Style: Maudlin country/rock; compare to Johnny Cash, Neil Diamond, Roy Orbison
Top tracks: "Nothing But the Whole Wide World," "Strong," "A Better Place"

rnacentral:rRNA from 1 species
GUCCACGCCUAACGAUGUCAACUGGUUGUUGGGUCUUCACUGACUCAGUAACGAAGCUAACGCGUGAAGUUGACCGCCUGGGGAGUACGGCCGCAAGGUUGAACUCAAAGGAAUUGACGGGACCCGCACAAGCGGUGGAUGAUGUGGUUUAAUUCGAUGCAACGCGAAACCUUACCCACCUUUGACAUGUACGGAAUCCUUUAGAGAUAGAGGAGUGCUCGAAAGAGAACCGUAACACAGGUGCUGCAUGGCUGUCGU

Campbell has been in show biz for more than 50 years, so you'll forgive him one final flourish. Following a diagnosis with Alzheimer's, the singer and sometimes-actor has declared Ghost on the Canvas to be his farewell album, and it is both a heartfelt and frequently dramatic curtain call with all the bells and whistles. While the songs are as maudlin and inwardly-focused as the latter-day Johnny Cash albums, the arrangements are all swelling string arrangements, dramatic guitar solos, and twinkling chimes. Simpler get-up might have better served the intimate, autobiographical lyrics, but there's no denying the tear-jerking impact of his thanksgiving to the Almighty ("Amazing Grace," not the hymn but a new composition) and to his wife ("Strong")—or his surprisingly sprightly reading of Jakob Dylan's "Nothing But the Whole Wide World."1
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